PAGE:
Amy Gutmann: Would you say that's true for all third world economies?
Jennifer Amyx: In general, yes, yes.
Amy Gutmann: Over there?
Announcer: We have a question from one of our internet viewers. This is from the Facebook interface from the forum that was hosting by Knowledge at Warden. The question is, as a Penn Alum abroad, it strikes me that we lack the global institutions to deal with social fall out of the collapse and to rebuild our economies. Government response seems to be reactive, building programs on the fly, but I'm not sure that impactful programs are really shovel ready as American officials might put it. What are two or three types of institutions you think are important for us to start building now to deal with long term effects of this and other crises. It's from Robin Bowes, a Penn Alum in India.
Richard Marston: Well we certainly have the institutions. We have the World Bank for Direct Development Assistance, we have the International Monetary Fund to provide short term financing, the problem is that the financial markets, the securities markets have broken down as far as the emerging markets are concerned. They cannot get the financing that they normally rely upon. And the banks aren't going to provide it and the securities markets are not. And so there's certainly a role for the IMF to step in and provide assistance on a larger scale than they normally do. And there's certainly a role for the World Bank as well. The emerging markets are suffering. On top of that, the emerging markets that depend upon commodity markets are suffering even more and those are many of the emerging markets, so we have two things going on. We have the collapse of the export market, exporting to the United States and the Europe, and then in addition we have the collapse of the commodities market.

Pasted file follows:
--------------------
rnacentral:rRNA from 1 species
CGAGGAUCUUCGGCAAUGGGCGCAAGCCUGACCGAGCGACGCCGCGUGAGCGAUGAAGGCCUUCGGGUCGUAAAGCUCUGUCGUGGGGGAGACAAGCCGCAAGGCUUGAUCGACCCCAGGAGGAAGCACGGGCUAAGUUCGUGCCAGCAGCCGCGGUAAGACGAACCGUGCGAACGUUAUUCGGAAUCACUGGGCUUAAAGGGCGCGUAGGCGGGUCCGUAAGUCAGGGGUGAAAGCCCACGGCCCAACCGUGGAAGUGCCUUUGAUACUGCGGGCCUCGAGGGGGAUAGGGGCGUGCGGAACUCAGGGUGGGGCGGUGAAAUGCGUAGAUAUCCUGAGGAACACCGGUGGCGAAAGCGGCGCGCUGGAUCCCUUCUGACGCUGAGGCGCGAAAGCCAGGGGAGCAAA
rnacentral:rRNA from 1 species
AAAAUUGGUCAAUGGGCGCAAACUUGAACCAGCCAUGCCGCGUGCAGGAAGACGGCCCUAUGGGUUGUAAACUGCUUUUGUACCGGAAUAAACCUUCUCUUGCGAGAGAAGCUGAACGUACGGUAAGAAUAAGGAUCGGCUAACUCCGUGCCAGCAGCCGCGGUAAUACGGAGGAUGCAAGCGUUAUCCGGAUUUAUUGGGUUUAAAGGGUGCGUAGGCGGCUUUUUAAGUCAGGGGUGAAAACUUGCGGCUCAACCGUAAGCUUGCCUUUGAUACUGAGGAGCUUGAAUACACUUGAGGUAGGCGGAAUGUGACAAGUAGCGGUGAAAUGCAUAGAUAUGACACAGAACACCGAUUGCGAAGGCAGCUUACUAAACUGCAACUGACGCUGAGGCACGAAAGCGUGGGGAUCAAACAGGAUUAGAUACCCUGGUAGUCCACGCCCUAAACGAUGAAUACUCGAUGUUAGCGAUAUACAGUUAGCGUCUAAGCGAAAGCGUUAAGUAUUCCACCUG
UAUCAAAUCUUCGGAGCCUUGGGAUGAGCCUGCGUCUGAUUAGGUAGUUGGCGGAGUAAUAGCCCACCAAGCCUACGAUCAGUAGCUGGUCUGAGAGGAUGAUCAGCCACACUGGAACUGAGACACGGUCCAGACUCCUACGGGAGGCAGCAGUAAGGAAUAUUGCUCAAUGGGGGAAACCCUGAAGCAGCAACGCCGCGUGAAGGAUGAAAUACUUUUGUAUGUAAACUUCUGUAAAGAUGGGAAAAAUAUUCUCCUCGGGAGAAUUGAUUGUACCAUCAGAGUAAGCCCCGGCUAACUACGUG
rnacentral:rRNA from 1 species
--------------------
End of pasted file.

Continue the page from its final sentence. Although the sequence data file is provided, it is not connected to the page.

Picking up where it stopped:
Emerging markets in particular are very much harmed by this crisis, and as a result, I would expect the IMF to be the lender of last resort in some sense, providing the kind of financing we need, but it has to be on a larger scale than normal.
Amy Gutmann: So, really...
Richard Marston: Yes.
Amy Gutmann: A large scaling up of IMF and World Bank responses, David?
Richard Marston: Yes.
David Skeel: And just to add one small thing to that, it seems to me this is a real stress test for the IMF and the World Bank. The World Bank in particular I think with the emerging markets doesn't step up to the plate, I think we're going to see a lot of regional authority stepping in so that in Latin America they'll try to handle some of these issues locally. There has been a lot of talk over the years of developing an Asian Development bank to kind of serve as a substitute for the IMF. But I think if the IMF and the World Bank don't step up, there's going to be a huge loss of confidence in them and people are going to turn to these other alternatives.
Amy Gutmann: So we have two - IMF and World Bank.
Jennifer Amyx: Just to sort of add onto this, the IMF actually, Japan already pledge 17 billion dollars to the IMF for a special fund to help countries that are hit by this crisis because one aspect of characteristic of this crisis is that it's not due to failed policies that these countries are getting hit. This isn't a result of failed fiscal policy or the kinds of crisis we saw in Latin America in the 80s or things like that. So the conditions for lending or for support through the IMF have to be different in this case, so we're seeing those kinds of discussions go on and some countries, such as Japan, who are net creditor nations still are able to give money even though their economies aren't doing so well.